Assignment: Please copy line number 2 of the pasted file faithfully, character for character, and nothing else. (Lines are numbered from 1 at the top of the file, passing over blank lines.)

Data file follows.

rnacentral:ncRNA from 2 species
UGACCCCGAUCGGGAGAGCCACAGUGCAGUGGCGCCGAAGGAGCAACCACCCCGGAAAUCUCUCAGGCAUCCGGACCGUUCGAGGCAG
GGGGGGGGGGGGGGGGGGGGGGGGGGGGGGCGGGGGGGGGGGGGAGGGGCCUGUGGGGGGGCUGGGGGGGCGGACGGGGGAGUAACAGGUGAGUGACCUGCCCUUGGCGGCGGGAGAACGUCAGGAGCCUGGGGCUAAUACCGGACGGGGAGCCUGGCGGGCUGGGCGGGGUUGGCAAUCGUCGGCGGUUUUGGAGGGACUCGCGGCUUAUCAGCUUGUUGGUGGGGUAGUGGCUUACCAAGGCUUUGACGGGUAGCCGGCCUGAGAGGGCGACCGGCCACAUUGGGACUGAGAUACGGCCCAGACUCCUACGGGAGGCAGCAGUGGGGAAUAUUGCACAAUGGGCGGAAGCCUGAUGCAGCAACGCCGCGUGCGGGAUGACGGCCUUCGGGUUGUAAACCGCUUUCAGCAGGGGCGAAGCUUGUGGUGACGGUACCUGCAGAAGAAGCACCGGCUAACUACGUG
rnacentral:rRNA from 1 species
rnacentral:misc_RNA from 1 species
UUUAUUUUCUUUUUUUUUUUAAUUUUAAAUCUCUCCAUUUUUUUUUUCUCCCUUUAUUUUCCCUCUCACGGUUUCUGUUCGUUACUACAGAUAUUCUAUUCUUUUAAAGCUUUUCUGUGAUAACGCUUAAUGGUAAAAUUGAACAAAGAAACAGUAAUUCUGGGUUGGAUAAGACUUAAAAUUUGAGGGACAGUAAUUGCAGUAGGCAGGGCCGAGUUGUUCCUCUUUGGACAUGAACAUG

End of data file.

UGACCCCGAUCGGGAGAGCCACAGUGCAGUGGCGCCGAAGGAGCAACCACCCCGGAAAUCUCUCAGGCAUCCGGACCGUUCGAGGCAG